The batting headlines may have been stolen yet again by Harbhajan Singh's swashbuckling strokeplay, but with the tour of South Africa less than a month away, the biggest gain for India so far from a series where they have seldom resembled the world's No 1 side has been the half-century that Gautam Gambhir made on the second day in Hyderabad.
On the eve of the game, one of India's biggest newspapers suggested he was living on borrowed time, with Murali Vijay waiting in the wings.
Vijay made a fine century in Bangalore against Australia last month, one of three Tests that Gambhir missed in 2010 as a result of knee problems.
That the board and the selectors disagreed with the journalist's theory was apparent on the eve of the game, when the central contracts for 2010/11 were announced. Gambhir retained his category A status despite not having crossed 25 in his previous nine Test innings.
India's selectors have not always been wise - Mohinder Amarnath, the former India all-rounder, once referred to them as "jokers" - but deserve immense credit for retaining faith in players like Gambhir.
Less than a year ago, the same people calling for his head were mentioning his name in the same breath as Sir Donald Bradman. With good reason too. When he took guard in the second Test against Bangladesh at Dhaka last January, Gambhir was on the verge of reprising Bradman's feat of centuries in six consecutive Tests.
A marathon effort had saved India from certain defeat in Napier [March 2009], and he followed it up with another in Wellington. Against Sri Lanka at home, he scored centuries at Ahmedabad and Kanpur before missing the Mumbai Test to attend his sister's wedding.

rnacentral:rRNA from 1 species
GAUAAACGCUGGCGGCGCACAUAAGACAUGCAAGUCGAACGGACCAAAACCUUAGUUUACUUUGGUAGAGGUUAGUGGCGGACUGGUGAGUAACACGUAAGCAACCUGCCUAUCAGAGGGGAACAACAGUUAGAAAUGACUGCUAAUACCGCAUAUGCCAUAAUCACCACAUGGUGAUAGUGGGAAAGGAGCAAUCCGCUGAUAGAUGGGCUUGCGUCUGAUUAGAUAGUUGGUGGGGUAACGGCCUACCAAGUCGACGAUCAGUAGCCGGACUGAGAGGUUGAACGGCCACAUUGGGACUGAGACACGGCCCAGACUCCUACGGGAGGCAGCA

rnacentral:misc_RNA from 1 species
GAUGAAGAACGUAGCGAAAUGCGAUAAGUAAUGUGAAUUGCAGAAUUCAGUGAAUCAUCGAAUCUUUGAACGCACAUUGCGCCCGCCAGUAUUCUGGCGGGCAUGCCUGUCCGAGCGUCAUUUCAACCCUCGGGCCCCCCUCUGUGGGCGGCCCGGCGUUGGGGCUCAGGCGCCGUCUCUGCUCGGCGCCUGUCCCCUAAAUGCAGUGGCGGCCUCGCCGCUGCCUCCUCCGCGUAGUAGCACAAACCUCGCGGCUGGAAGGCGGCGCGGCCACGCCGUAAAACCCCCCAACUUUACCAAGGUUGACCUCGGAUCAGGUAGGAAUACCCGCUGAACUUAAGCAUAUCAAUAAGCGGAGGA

Another three-figure knock set up the Chittagong Test for India, and his bat seemed impossible broad as he made his way to Dhaka.
He got to 68 there - the 11th match in a row in which he had made at least 50 - before edging one to the wicketkeeper.
At the time, the feeling was just disappointment, but as the months passed it gave way to anxiety. A couple of times, he got starts, before losing his wicket in careless fashion. For a man who had always admitted to being insecure about his place in the XI, it was a wretched period punctuated by injury.
It is impossible to overstate just how important the opening combination is to India's chances of success. The understanding between Gambhir and Virender Sehwag was first noticed in the Ranji Trophy, and the transition to the big stage has been seamless.
In the 57 innings that they have opened together, Sehwag and Gambhir average 57.92, behind only Jack Hobbs-Herbert Sutcliffe [England, 87.81] and Bill Lawry-Bobby Simpson [Australia, 60.94] of the pairs that have aggregated more than 3,000 runs.
They also have a tendency to make it count. The 160-run stand in Hyderabad was their eighth hundred partnership. They have crossed 50 on 18 other occasions. Only Hobbs and Sutcliffe [15 century partnerships and 10 others over 50 in 38 innings] have a better ratio of making at least 50 every time they went out to bat.
In terms of style they could not be more different. Gambhir is the accumulator, with the pleasing drive and the powerful cut. Sehwag is the destroyer, preying on the bowlers' insecurity from the first ball. That he does it mostly with classical strokeplay only makes it more demoralising.
Sehwag's career was in a slump the last time India toured South Africa, and he managed just 89 runs in the three Tests. Gambhir was not part of the Test picture then, but with the Delhi duo now inseparable at the top of the order, India can look ahead with some confidence.